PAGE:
Avoidant & Restrictive Food Intake

Avoidant/restrictive food intake disorder (ARFID), previously known as feeding disorder, is a type of eating disorder in which people eat only within an extremely narrow repertoire of foods.[1] It is a serious mental health condition that causes the individual to restrict food intake by volume and/or variety.[2] This avoidance may be based on appearance, smell, taste, texture (because of sensory sensitivity), brand, presentation, fear of aversive consequences, lack of interest in food, or a past negative experience with the food, to a point that may lead to nutritional deficiencies, failure to thrive, or other negative health outcomes.[2][3][4] The fixation is not caused by a concern for body appearance or in an attempt to lose weight. [5]

 

Cluster Number:
Wiki Number: W020
Diagnosis: Avoidant & Restrictive Food Intake Disorder
US Patients:
World Patients:
Sex Ratio:
Age Onset:
Brain Area:
Symptoms: eat only a very narrow menu of foods; cannot change eating habits
Progression: may exclude all fruits or all vegetable; certain certain colors, soft, etc. May still have digestive problems.
Causes:
Medications: relaxation, systematic desensitization and review
Therapies: With adults, may disappear spontaneously; with cognitive behavior therapies.

Yuoutube Video: Living with Avoidant Restrictive

Food Intake Disorder

Amazon or Library Book: Cognitive Behavioral Therapy

(Talking Therapy) for Avoidant Restrictive Food Intake Disorder

Click the book to link or order from Amazon.

Support Group: balancedtx.com, prior sign-up is required. (This group is based in New York City. I don’t know if it includes other areas.)

Contact your local Social Security office for possible Disability Benefits through their Disability Determination Services, Section 12.08.

4 CURRENT ARTICLES
FROM PUBMED

The world-wide medical research
reports chosen for each diagnosis 

Clicking each title opens the
PubMed article’s summary-abstract.

  • International consensus on patient-centred outcomes in eating disorders
    by Amelia Austin on September 28, 2023

    The effectiveness of mental health care can be improved through coordinated and wide-scale outcome measurement. The International Consortium for Health Outcomes Measurement has produced collaborative sets of outcome measures for various mental health conditions, but no universal guideline exists for eating disorders. This Position Paper presents a set of outcomes and measures for eating disorders as determined by 24 international experts from professional and lived experience backgrounds. An...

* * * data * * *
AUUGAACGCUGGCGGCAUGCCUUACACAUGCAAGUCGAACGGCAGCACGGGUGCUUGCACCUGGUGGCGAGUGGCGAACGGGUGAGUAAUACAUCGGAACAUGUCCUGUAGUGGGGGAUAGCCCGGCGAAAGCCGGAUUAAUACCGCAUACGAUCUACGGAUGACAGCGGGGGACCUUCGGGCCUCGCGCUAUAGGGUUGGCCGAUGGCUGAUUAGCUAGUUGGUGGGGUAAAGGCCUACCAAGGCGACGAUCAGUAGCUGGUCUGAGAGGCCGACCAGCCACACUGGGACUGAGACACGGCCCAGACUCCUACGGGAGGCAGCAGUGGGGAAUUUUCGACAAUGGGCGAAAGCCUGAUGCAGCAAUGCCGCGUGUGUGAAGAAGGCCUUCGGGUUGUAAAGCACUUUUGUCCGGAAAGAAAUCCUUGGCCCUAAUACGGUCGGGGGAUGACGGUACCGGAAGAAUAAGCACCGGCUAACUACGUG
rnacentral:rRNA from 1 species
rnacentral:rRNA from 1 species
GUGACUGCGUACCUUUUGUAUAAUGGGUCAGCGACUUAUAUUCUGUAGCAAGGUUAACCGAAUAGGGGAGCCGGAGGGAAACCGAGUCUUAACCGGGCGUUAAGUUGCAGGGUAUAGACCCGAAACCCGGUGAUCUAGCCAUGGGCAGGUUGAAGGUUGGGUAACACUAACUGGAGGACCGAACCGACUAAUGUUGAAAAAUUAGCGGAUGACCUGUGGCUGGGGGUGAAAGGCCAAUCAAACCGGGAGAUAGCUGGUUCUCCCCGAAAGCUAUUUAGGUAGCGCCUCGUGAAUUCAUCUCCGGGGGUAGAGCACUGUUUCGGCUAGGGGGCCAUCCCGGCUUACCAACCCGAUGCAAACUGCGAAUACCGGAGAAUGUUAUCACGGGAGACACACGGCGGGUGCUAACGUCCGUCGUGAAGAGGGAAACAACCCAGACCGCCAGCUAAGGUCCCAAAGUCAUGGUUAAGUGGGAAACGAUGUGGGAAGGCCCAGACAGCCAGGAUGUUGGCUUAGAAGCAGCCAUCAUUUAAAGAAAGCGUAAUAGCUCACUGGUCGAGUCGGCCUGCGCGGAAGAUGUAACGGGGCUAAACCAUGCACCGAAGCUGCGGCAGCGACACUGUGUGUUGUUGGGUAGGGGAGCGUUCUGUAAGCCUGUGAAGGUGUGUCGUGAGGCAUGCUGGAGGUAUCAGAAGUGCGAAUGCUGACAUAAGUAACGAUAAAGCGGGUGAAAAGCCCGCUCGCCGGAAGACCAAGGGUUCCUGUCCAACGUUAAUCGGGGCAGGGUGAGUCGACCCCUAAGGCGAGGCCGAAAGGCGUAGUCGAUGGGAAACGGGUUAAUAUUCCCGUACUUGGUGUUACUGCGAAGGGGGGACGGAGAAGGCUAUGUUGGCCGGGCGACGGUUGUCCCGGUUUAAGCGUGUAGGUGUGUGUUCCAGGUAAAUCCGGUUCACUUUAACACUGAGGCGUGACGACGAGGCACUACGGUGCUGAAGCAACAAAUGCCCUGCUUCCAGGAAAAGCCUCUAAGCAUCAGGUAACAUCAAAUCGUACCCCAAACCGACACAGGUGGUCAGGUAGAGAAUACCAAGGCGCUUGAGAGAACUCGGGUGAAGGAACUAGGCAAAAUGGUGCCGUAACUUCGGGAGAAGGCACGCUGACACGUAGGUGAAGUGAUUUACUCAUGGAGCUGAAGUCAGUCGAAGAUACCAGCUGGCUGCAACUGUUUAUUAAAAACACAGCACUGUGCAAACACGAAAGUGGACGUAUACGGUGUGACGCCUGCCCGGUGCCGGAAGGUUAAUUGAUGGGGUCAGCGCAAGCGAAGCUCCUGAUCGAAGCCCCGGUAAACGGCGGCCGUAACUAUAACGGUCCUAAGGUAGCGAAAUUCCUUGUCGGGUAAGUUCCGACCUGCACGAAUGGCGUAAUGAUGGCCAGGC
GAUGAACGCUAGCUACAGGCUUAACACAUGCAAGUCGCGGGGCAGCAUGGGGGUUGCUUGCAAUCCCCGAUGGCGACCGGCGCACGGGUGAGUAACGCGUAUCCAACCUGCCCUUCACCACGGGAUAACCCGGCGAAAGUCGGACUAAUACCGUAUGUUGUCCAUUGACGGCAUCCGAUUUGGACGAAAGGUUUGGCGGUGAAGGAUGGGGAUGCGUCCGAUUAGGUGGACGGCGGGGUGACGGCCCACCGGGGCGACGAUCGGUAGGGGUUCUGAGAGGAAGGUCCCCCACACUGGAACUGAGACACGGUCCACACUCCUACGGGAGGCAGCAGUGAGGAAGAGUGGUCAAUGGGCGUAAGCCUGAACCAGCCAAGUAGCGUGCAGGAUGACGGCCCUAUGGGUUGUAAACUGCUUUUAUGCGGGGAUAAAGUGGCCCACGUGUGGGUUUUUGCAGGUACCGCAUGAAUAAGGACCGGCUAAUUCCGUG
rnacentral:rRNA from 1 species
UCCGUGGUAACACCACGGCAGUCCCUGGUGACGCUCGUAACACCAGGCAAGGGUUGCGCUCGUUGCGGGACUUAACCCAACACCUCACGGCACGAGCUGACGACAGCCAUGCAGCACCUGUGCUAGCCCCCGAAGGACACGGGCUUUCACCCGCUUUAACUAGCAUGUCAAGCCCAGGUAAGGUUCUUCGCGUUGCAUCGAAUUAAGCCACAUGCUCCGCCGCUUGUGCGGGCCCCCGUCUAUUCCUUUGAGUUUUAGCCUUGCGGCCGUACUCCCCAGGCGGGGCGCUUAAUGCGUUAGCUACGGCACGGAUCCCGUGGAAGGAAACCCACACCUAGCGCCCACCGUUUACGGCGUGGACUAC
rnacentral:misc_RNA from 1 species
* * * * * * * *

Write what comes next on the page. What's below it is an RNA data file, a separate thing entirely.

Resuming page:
• Current evidence for avoidant restrictive food intake disorder: Implications for clinical practice and future directions
    by Tanith Archibald on September 27, 2023

    CONCLUSION: Prevalence studies highlight the need for referral and care pathways to be embedded across a range of health care services. While research into ARFID is increasing, further studies across all areas of ARFID are required and there remains a pressing need for guidance on systematic assessment, evidence-based management, and optimal service delivery models. Informed clinical practice is currently predominantly reliant on expert consensus and small-scale studies, with ongoing routine...

  • ARFID at 10¬†years: A Review of Medical, Nutritional and Psychological Evaluation and Management
    by Martin Fisher on September 27, 2023

    PURPOSE OF REVIEW: Avoidant restrictive food intake disorder (ARFID) is a diagnostic term that was established 10 years ago to describe those patients with an eating disorder, mostly children and adolescents, who have poor nutrition that is not due to body image or weight concerns. This article reviews the diagnosis and subtypes of ARFID, as well as the medical, nutritional and psychological principles of evaluation and management of the disorder.

  • Modification of an inpatient medical management protocol for pediatric Avoidant/Restrictive Food Intake Disorder: improving the standard of care
    by Sasha Gorrell on September 22, 2023

    CONCLUSIONS: Findings demonstrate the likely need to tailor established medical inpatient protocols for those with ARFID given different symptom presentation and maintenance factors compared to patients with anorexia nervosa. Further research is warranted to explore the longer-term impact of protocol changes and to inform standardization of care for this high priority clinical population across care sites.